Tuesday, October 7, 2014

Birch Point CSA Week 16: Only two weeks left! (after this one)

Is it an alien? No, it's celeriac!

      Wow, the season is flying by faster than any other so far.  "Summer" was a flash in the pan; we've been consumed by spring and fall this year. Thankfully, fall is pulling out all the stops and proving to be worth spending the extra time on.  In addition to daily lunchtime Beyonce videos, the farm crew has been enjoying daily readings by Hal Borland, a nature writer whose essays appeared appeared in the NYT from the 1941 through 1978.
      Today's entry, from Sundial of the Seasons (Lippincott, 1964), titled "To Walk in Beauty," begins

        One now walks in Autumn itself, along the suburban street, beside the country road, in every woodland. 
        For Autumn in the time of the fallen leaf, and the leaves are crispness underfoot, brown and red and yellow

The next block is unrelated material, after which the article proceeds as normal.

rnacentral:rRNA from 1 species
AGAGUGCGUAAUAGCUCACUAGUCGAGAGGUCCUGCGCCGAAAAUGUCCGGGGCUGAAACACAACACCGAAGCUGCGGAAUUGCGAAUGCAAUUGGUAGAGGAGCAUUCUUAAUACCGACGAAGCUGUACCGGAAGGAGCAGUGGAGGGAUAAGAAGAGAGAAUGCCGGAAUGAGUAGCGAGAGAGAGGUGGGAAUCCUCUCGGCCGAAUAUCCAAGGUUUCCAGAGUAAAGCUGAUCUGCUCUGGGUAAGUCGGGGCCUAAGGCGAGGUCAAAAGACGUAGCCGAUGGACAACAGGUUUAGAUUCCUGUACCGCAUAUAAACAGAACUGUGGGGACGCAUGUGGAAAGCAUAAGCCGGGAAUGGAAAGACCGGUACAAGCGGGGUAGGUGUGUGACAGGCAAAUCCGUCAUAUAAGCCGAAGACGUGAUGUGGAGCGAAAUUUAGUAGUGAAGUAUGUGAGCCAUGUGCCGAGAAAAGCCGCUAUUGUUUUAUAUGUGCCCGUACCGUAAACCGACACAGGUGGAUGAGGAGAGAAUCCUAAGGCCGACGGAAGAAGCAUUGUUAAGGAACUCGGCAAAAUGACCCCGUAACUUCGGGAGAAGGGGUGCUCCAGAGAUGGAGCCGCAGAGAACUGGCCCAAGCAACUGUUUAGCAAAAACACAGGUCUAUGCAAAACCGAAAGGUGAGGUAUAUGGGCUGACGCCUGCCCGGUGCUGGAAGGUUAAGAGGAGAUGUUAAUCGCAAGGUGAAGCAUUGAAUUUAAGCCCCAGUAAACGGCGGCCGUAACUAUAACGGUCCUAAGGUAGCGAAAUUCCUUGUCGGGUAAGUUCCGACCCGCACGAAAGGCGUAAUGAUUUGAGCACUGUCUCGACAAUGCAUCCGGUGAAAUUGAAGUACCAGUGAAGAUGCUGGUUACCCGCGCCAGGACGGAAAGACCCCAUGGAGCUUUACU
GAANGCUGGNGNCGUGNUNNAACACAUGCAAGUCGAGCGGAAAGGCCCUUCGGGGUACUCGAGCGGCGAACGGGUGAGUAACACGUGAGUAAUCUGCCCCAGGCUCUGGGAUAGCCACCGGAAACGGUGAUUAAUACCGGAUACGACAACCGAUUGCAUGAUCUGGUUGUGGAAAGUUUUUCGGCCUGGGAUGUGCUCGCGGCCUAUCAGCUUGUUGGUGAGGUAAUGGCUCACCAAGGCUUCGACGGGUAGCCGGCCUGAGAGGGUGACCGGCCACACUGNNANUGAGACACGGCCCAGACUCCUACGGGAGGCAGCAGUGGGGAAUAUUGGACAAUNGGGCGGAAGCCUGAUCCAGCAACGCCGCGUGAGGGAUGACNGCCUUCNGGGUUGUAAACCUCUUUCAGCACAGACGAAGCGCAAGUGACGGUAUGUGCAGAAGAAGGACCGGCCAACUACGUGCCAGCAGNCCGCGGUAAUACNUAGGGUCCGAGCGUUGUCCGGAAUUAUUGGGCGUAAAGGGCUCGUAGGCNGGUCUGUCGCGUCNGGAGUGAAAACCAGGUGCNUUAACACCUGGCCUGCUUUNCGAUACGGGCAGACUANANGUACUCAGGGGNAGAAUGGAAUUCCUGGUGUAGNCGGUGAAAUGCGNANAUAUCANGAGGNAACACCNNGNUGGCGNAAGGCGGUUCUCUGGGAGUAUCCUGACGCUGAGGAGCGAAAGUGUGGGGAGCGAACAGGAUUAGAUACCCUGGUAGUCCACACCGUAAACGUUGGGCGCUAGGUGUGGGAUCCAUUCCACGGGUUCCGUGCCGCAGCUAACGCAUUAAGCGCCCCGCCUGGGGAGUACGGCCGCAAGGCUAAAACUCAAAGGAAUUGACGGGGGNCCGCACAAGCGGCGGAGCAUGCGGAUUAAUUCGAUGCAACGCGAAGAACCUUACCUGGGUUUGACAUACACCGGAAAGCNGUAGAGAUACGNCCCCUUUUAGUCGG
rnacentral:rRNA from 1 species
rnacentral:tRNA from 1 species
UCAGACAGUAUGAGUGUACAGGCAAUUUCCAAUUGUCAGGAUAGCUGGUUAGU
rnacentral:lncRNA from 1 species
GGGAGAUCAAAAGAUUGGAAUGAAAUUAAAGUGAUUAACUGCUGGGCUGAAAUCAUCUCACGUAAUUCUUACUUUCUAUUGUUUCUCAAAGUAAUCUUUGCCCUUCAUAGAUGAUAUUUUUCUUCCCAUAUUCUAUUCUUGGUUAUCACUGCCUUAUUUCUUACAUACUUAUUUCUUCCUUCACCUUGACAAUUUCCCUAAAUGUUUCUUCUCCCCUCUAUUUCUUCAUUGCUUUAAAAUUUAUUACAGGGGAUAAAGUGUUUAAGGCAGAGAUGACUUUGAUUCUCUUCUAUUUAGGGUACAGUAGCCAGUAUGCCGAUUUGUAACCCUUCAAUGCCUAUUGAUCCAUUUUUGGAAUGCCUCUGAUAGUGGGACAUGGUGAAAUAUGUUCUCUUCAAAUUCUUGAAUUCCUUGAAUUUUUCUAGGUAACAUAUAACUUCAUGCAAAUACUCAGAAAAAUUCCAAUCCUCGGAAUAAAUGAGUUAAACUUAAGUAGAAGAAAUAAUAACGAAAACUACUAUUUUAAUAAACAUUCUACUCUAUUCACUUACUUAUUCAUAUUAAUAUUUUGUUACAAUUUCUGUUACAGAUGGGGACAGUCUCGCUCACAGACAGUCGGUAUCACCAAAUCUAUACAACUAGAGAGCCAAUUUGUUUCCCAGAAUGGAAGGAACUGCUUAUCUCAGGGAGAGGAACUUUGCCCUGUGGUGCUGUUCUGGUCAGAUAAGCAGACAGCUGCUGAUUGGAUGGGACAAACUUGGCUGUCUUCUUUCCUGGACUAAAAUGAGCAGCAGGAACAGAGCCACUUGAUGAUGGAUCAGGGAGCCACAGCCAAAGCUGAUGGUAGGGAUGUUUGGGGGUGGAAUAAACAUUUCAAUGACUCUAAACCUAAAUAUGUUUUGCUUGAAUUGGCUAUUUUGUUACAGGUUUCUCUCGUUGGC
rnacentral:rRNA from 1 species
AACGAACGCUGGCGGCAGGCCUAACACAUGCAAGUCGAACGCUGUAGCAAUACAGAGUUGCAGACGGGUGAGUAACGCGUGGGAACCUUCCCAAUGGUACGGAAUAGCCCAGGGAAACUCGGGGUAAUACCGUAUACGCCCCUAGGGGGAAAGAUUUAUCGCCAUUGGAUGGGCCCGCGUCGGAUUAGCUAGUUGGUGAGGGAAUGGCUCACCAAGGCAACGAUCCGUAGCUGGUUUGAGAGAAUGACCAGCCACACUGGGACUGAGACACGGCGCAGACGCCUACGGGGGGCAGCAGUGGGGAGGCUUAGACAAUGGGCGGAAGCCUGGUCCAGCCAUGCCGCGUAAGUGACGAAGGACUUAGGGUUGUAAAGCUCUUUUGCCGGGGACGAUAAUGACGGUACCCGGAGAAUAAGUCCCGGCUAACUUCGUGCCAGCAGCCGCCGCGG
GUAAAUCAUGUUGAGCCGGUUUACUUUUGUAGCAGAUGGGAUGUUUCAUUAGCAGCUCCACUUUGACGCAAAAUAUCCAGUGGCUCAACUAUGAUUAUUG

and sere tan, the leftover of Summer shade, paper-thin jewel flakes that bring the sunlight and the vividness 
        of sunset down to earth.

Celeriac with leaves still on
     And it's starting to feel that way even in the fields- the tomato trellises have fallen (been taken down), the early gardens have been tilled in and seeded to their winter cover crops; onions are curing in the barn, fall greens are taking on the crisp sweetness that only cool temperatures and brisk winds can bring on. We're planning to get every last squash out of the field and starting to cure this week, and looking ahead to many more weeks of harvesting greens, roots, and certain heading vegetables (did someone say "Romanesco"?).  Yes, the Romanesco is on the horizon! It's lagging behind its counterparts, the fall broccoli and white cauliflower, and main-season CSA  may be over before the first fractal-headed beauties are ready, but we look forward to sharing them with our fall-winter CSA members and market customers!  Meanwhile, we hope you enjoy this week's Soup Share, specially composed to make your fall soup a delicious no-brainer.